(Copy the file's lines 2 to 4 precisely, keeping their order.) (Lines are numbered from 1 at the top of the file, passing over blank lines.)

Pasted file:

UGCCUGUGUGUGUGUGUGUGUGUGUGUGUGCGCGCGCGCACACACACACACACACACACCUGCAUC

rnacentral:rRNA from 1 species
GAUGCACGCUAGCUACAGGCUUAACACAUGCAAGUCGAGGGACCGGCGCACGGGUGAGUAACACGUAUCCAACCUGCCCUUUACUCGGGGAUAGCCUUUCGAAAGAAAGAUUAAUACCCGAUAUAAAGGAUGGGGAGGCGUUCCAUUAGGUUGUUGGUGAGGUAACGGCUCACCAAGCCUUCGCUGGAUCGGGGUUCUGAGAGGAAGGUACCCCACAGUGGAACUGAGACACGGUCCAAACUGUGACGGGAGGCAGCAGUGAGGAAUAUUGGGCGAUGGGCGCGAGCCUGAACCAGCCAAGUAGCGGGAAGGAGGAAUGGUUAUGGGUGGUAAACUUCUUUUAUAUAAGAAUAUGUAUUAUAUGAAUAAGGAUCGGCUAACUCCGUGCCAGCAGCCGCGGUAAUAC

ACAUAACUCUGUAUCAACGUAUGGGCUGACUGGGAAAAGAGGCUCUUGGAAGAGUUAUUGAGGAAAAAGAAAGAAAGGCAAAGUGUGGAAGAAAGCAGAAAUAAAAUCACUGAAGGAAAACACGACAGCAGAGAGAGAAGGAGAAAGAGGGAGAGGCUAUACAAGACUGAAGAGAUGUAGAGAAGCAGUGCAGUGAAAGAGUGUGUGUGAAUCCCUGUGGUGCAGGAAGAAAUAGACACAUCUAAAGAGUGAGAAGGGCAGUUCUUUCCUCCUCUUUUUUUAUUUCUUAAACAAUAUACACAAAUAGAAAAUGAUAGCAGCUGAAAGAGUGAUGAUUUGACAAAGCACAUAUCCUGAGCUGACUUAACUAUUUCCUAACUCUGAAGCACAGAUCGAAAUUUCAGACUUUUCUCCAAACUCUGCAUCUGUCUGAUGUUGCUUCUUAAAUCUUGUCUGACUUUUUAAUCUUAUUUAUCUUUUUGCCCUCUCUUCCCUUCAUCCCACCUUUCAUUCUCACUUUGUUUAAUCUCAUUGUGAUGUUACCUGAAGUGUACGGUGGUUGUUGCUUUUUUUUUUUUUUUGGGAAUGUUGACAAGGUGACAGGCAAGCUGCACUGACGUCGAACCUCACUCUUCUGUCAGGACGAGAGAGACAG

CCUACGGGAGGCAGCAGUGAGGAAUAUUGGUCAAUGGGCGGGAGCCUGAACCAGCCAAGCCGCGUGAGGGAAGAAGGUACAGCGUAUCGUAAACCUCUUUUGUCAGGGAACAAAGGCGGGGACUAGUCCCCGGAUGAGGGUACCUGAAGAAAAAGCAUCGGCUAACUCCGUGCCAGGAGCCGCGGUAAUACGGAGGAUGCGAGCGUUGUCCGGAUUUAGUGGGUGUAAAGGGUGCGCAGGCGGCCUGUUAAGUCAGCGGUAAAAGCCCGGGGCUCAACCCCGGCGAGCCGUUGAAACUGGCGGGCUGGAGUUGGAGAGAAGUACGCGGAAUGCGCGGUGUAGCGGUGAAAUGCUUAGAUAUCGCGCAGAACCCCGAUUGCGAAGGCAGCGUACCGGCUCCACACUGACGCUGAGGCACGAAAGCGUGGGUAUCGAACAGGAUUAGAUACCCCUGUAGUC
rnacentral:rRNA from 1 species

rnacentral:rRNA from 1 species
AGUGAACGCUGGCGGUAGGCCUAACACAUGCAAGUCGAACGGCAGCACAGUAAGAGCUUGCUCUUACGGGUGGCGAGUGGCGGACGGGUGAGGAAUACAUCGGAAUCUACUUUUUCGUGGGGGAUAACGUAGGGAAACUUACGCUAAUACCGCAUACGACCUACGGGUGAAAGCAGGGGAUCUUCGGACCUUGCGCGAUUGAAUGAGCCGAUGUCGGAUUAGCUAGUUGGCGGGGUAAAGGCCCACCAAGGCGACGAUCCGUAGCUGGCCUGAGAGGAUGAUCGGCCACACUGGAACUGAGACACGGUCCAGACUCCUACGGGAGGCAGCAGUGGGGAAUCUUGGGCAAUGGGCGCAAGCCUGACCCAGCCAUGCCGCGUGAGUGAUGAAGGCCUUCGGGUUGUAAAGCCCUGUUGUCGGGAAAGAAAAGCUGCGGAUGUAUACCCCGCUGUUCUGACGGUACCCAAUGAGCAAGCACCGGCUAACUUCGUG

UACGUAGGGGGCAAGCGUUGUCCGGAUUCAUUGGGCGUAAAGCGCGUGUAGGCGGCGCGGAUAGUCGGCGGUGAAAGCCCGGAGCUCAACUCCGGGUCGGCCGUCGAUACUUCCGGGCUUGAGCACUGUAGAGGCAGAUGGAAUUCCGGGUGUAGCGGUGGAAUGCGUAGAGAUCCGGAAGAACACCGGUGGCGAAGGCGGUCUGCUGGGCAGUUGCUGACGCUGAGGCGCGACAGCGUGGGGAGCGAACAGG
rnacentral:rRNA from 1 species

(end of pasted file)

rnacentral:rRNA from 1 species
GAUGCACGCUAGCUACAGGCUUAACACAUGCAAGUCGAGGGACCGGCGCACGGGUGAGUAACACGUAUCCAACCUGCCCUUUACUCGGGGAUAGCCUUUCGAAAGAAAGAUUAAUACCCGAUAUAAAGGAUGGGGAGGCGUUCCAUUAGGUUGUUGGUGAGGUAACGGCUCACCAAGCCUUCGCUGGAUCGGGGUUCUGAGAGGAAGGUACCCCACAGUGGAACUGAGACACGGUCCAAACUGUGACGGGAGGCAGCAGUGAGGAAUAUUGGGCGAUGGGCGCGAGCCUGAACCAGCCAAGUAGCGGGAAGGAGGAAUGGUUAUGGGUGGUAAACUUCUUUUAUAUAAGAAUAUGUAUUAUAUGAAUAAGGAUCGGCUAACUCCGUGCCAGCAGCCGCGGUAAUAC

ACAUAACUCUGUAUCAACGUAUGGGCUGACUGGGAAAAGAGGCUCUUGGAAGAGUUAUUGAGGAAAAAGAAAGAAAGGCAAAGUGUGGAAGAAAGCAGAAAUAAAAUCACUGAAGGAAAACACGACAGCAGAGAGAGAAGGAGAAAGAGGGAGAGGCUAUACAAGACUGAAGAGAUGUAGAGAAGCAGUGCAGUGAAAGAGUGUGUGUGAAUCCCUGUGGUGCAGGAAGAAAUAGACACAUCUAAAGAGUGAGAAGGGCAGUUCUUUCCUCCUCUUUUUUUAUUUCUUAAACAAUAUACACAAAUAGAAAAUGAUAGCAGCUGAAAGAGUGAUGAUUUGACAAAGCACAUAUCCUGAGCUGACUUAACUAUUUCCUAACUCUGAAGCACAGAUCGAAAUUUCAGACUUUUCUCCAAACUCUGCAUCUGUCUGAUGUUGCUUCUUAAAUCUUGUCUGACUUUUUAAUCUUAUUUAUCUUUUUGCCCUCUCUUCCCUUCAUCCCACCUUUCAUUCUCACUUUGUUUAAUCUCAUUGUGAUGUUACCUGAAGUGUACGGUGGUUGUUGCUUUUUUUUUUUUUUUGGGAAUGUUGACAAGGUGACAGGCAAGCUGCACUGACGUCGAACCUCACUCUUCUGUCAGGACGAGAGAGACAG